Friday, March 27, 2015

Why You Need to Know Your Veterinarian's Emergency Policies

We have recently had the opportunity to work with two of our clients and their veterinarians while the two dogs in our care needed medical attention. One experience was very stressful and the other was, thankfully, very easy.

Fluffy needed two cones and an

inflatable collar to keep her from
getting to her foot.
Our first story is about Fluffy. Her owners traveled to Australia for 6 weeks and we stayed at their house for overnight visits. On the second day Laryssa noticed Fluffy was limping and had licked her rear foot raw. We Skyped the owner to advise her of the situation and we took Fluffy to their veterinarian.

The vet examined Fluffy and agreed to limited treatment using the credit the client had on her account. The vet didn't find a foreign object, as we had suspected, and sent us home with an antibiotic and an elizabethan collar and instructions for her care.

Fluffy's foot had gotten much worse
Several days went by and Fluffy was not healing. In fact, she began having blisters that burst and her foot looked terrible! We took her back to the vet the day the blisters began. The vet examined her again and gave us a quote for surgery to remove dead tissue, suspecting the injury may have been the result of a spider bite which was causing tissue to die. 

The piece of wood removed from
Fluffy's foot.
The client, being in Australia, was 18 hours ahead and not easily reached. The vet wanted to keep Fluffy until later that afternoon while they, and we, tried to contact the client. In the event they were successful they would already have Fluffy and be able to do the surgery. 

They called us later in the day to come pick her up as they had not been able to reach the client and treatment was, unfortunately, refused. They sent us home with a different antibiotic and told us to keep trying to reach the client and advise her to call the clinic.

Fluffy was ultimately treated and a large piece of wood was removed from her foot.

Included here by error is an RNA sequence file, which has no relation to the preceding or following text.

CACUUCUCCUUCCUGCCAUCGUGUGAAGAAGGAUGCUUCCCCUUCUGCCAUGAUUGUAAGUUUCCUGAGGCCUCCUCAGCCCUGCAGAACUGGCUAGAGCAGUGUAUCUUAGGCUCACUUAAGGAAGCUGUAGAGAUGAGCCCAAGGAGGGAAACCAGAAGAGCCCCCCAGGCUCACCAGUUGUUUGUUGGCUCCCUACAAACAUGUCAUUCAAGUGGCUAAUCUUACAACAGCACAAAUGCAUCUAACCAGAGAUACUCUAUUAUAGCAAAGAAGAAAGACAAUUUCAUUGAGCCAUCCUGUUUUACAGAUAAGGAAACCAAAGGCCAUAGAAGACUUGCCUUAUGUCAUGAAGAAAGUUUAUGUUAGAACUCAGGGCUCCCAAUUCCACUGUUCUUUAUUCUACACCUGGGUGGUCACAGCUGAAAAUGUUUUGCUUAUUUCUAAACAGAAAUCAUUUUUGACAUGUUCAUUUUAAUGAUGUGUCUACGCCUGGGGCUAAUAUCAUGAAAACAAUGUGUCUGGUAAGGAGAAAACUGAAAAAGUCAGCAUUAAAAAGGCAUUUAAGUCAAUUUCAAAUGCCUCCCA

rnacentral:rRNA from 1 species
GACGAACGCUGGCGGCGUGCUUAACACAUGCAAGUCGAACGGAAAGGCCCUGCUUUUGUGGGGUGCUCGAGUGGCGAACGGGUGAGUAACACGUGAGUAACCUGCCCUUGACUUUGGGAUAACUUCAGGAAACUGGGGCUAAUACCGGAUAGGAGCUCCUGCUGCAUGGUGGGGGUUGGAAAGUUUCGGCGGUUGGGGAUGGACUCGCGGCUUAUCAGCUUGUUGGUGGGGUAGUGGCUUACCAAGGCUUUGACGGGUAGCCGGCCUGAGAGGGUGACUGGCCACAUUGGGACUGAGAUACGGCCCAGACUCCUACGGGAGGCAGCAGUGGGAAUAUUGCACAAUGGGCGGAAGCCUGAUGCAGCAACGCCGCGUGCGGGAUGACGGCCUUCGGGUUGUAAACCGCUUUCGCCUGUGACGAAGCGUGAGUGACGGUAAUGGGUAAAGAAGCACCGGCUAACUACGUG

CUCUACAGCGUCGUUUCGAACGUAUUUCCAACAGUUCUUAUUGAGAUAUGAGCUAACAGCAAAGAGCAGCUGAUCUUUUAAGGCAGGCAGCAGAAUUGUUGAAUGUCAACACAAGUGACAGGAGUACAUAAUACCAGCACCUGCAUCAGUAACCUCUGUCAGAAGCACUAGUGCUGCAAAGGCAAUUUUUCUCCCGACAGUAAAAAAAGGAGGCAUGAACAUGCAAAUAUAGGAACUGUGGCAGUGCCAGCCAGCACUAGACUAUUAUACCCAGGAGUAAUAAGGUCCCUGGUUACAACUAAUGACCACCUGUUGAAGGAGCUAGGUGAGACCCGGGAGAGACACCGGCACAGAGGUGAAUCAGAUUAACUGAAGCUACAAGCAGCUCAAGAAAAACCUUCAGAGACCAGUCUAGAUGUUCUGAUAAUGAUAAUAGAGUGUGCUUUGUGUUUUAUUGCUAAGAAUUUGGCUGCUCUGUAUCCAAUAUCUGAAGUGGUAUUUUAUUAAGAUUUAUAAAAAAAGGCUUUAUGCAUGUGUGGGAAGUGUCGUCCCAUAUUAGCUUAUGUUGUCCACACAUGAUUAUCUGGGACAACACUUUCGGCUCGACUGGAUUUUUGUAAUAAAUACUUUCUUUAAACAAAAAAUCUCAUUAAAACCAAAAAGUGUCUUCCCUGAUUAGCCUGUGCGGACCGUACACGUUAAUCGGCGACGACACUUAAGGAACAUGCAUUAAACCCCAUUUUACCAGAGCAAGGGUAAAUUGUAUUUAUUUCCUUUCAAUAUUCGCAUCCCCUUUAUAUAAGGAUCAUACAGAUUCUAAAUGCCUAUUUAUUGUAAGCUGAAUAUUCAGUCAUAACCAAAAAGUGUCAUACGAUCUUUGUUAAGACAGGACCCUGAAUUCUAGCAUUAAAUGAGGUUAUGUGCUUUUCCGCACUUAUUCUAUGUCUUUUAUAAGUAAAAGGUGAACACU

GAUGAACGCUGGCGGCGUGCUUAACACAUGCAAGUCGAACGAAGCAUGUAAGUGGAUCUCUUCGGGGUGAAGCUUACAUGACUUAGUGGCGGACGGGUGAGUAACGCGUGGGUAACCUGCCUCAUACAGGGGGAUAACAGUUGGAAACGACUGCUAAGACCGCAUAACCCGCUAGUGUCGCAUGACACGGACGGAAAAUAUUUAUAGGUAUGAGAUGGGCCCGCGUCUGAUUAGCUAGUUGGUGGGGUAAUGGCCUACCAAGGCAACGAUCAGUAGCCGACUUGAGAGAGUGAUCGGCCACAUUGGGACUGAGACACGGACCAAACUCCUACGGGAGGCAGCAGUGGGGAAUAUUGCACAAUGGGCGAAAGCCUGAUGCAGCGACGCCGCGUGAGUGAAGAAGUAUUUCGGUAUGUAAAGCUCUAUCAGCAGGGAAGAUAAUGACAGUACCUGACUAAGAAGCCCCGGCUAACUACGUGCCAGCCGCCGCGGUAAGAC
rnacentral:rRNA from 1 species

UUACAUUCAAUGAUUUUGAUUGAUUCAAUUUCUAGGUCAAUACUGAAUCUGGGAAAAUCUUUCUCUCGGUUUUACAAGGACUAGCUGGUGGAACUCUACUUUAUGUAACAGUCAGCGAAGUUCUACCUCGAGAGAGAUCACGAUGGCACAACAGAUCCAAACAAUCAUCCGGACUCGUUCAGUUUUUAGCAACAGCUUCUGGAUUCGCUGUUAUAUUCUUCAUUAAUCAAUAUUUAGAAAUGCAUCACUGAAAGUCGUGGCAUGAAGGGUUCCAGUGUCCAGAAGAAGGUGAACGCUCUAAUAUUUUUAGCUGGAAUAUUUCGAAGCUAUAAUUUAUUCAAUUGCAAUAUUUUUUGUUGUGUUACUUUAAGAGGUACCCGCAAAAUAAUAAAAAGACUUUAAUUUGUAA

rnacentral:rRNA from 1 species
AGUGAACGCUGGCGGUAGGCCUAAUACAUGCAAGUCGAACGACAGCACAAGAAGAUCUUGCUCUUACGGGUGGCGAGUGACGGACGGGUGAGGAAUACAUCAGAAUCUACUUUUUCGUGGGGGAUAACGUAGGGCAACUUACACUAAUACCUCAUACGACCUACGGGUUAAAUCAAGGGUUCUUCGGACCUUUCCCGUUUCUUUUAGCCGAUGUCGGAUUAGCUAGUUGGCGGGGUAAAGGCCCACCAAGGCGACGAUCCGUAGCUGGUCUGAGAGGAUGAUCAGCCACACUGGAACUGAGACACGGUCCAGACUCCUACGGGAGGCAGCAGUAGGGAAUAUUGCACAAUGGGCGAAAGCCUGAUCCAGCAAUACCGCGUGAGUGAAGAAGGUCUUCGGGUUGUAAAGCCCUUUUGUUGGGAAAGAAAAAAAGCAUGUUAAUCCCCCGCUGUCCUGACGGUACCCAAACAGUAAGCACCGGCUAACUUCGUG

Your vet will require important information in order to treat your pet when you aren't present. 

Fifi shown with her IV catheter still in place just in case she were to
crash again. She was such a trooper!
Our next story is about Fifi; an 11 year old diabetic, blind and arthritic Doberman whose owner traveled within the US for a two week vacation. On day three, Fifi's blood glucose became critical. 

We called the vet and they told us to rush her right in where they immediately administered IV dextrose and syringe fed her high calorie canned dog food. They worked on her for 3 hours before she finally stabilized enough that it was safe to take her home. 

We visited Fifi 4 times a day. The vet called every morning and every evening to find out what Fifi's blood glucose readings were on each of the 4 visits and how much food she had eaten in order to tell us how much insulin to administer.

It was a very challenging week trying to find a balance, overcome the diarrhea brought on by multiple Caro syrup doses, find something that would increase her appetite and take her off a drug that may have been the cause of her decreased appetite. Fifi made a few visits to the clinic during this time. 

Do you know which course of action your vet would take in your absence with your pet during an emergency?

Each veterinary clinic has different policies. We send an email to our clients a few days before each schedule begins reminding them to call their vet to let them know their pets will be in our care and follow their vet's policies for emergency treatment authorization and payment requirements.

Anything can happen. Healthy dogs can become injured, be stung by a bee, snake bite, swallow a toy or become ill for no apparent reason. Pets with known medical issues or chronic conditions may have the condition exacerbated by stress with routine change. 

By following your clinic's policies in advance we can take your pet in for emergency treatment that will not be hindered financially and/or by waiting for your verbal authorization.

In addition to finding out what your clinic's policies are you should also know their hours and whether they have an on-call presence after hours. Only two clinics in Sierra Vista do. We have written an article outlining On Call Vets and the closest 24 hour clinics in Tucson.